Three Central Alberta municipalities are putting together a financing deal to kick-start a regional sewage project.
Lacombe city council agreed on Monday to back a little over $1 million of the nearly $3 million cost of undertaking detailed design work and a land acquisition strategy for the sewer line that would run from Red Deer through Blackfalds to Lacombe.
On Tuesday, Blackfalds town council approved a similar a similar deal worth $1.45 million.
There is urgency to get the $40-million project rolling because both Blackfalds and Lacombe’s sewage treatment systems are at the limits of their capacity and the population continues to grow.
Getting the new sewer line “shovel-ready” is seen as a critical step to lining up the necessary support from the province and, possibly, federal government.
“Ultimately, Blackfalds and Lacombe need a solution. We need a long-term solution for wastewater,” said Blackfalds Mayor Melodie Stol on Wednesday.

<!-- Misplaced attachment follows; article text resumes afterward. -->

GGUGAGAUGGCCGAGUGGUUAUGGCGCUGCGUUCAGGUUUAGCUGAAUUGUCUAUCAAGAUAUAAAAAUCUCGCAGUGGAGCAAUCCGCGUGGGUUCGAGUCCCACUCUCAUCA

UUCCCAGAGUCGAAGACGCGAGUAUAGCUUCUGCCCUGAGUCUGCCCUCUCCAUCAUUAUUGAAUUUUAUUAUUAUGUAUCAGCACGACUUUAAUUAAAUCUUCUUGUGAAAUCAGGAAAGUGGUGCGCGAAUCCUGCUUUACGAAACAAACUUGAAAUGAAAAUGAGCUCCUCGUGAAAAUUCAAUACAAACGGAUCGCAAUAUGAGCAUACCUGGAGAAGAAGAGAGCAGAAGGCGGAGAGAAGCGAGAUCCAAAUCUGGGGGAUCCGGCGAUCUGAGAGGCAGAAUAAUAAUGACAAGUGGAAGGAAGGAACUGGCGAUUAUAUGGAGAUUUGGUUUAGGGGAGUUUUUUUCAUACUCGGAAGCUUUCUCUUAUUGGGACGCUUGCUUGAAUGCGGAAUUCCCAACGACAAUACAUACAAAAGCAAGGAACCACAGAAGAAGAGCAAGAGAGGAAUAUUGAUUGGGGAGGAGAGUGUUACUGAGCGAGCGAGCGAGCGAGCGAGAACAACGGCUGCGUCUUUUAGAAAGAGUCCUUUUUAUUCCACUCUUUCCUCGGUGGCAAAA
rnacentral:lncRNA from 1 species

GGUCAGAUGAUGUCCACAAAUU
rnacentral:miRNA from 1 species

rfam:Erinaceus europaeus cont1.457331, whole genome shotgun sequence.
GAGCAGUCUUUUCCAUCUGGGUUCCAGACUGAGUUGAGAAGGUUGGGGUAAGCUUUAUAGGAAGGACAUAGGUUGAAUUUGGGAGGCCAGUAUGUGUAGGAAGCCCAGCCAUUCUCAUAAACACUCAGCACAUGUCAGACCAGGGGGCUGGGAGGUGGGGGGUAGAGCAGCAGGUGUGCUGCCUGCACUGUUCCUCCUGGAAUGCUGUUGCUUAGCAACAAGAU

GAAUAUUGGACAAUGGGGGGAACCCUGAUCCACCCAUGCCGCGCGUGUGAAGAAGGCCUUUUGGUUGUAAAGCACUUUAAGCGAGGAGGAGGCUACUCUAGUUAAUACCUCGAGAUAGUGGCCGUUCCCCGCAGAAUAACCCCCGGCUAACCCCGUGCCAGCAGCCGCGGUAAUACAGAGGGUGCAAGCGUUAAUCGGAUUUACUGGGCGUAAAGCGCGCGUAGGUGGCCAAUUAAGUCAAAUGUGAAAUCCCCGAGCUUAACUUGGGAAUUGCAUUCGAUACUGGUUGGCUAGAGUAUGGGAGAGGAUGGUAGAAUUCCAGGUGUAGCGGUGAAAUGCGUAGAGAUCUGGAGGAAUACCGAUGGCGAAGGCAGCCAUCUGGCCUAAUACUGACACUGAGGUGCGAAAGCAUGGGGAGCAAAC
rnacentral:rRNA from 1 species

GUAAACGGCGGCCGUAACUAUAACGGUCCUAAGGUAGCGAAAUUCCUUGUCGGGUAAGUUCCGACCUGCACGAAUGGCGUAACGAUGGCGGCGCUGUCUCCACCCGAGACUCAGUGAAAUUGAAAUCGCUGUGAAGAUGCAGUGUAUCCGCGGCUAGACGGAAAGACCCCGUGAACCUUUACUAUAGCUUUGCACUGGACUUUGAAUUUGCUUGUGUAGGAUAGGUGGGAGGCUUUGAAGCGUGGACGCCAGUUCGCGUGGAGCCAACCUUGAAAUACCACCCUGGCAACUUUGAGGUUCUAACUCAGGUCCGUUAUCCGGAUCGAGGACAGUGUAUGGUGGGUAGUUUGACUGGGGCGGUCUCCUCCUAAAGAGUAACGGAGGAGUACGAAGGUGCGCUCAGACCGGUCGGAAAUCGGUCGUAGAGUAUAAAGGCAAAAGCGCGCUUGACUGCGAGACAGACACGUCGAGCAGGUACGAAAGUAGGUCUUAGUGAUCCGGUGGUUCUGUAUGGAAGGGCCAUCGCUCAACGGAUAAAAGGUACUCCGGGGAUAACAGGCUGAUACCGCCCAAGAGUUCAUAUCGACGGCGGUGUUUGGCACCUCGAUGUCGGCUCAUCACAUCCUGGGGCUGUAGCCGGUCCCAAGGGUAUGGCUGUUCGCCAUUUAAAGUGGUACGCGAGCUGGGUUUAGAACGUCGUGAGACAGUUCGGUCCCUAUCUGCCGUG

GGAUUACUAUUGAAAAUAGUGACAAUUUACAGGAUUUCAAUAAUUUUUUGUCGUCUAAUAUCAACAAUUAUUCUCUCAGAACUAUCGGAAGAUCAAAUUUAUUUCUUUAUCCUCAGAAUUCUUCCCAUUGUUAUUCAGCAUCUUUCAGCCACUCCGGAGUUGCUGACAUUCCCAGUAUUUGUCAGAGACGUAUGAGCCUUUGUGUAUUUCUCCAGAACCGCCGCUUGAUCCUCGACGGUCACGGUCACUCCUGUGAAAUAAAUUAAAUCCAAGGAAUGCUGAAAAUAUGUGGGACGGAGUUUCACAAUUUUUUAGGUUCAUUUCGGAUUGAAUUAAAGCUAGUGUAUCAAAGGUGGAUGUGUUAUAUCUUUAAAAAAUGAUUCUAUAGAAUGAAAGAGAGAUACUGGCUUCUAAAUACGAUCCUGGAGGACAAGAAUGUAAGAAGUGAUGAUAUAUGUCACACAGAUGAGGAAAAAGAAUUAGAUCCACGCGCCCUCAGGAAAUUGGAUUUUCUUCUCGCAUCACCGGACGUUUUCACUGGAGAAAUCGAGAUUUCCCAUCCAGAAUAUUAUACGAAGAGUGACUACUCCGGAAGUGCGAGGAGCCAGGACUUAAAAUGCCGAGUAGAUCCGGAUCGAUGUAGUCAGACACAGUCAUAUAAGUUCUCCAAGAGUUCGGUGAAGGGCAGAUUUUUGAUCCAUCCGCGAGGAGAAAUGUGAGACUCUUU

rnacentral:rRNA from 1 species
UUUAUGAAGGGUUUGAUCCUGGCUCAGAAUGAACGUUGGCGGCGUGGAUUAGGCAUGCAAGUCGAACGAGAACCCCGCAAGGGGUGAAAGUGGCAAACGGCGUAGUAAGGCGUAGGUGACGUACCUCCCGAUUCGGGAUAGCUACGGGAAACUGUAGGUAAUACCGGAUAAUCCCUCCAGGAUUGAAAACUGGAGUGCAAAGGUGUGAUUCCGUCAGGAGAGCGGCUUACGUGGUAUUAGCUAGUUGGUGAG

“And we need a decision that does the right thing for the Red Deer River as well.”
First proposed nearly a decade ago, the sewer line was envisioned as part of a three-leg system. The first leg, from Olds to Red Deer, is nearing completion. Another leg, connecting Red Deer to Sylvan Lake and summer villages, is on the back burner.
Both Lacombe and Blackfalds announced their intention earlier this year to step up their lobbying efforts to persuade the province to come up with 90 per cent of the funding for the line — the same cost-sharing deal used to build the $132-million Olds-to-Red Deer line.
Under the terms of the agreement, Lacombe County will cover the up-front costs of $2.98 million for design and the land acquisition strategy. That amount will be deducted from its share of the total sewer line costs if the project goes ahead within five years.
If the project stalls, Lacombe city council will pay the county back $1.075 million plus interest — which represents 36 per cent of the project cost and the community’s anticipated usage.
Blackfalds council approved a $1.45-million guarantee representing 45 per cent of the cost.
The five-year term is in place because there is a chance that design work will need to be redone by then if no progress has been made.
Municipalities have formed the North Red Deer River Waste Water Services Commission to oversee the project.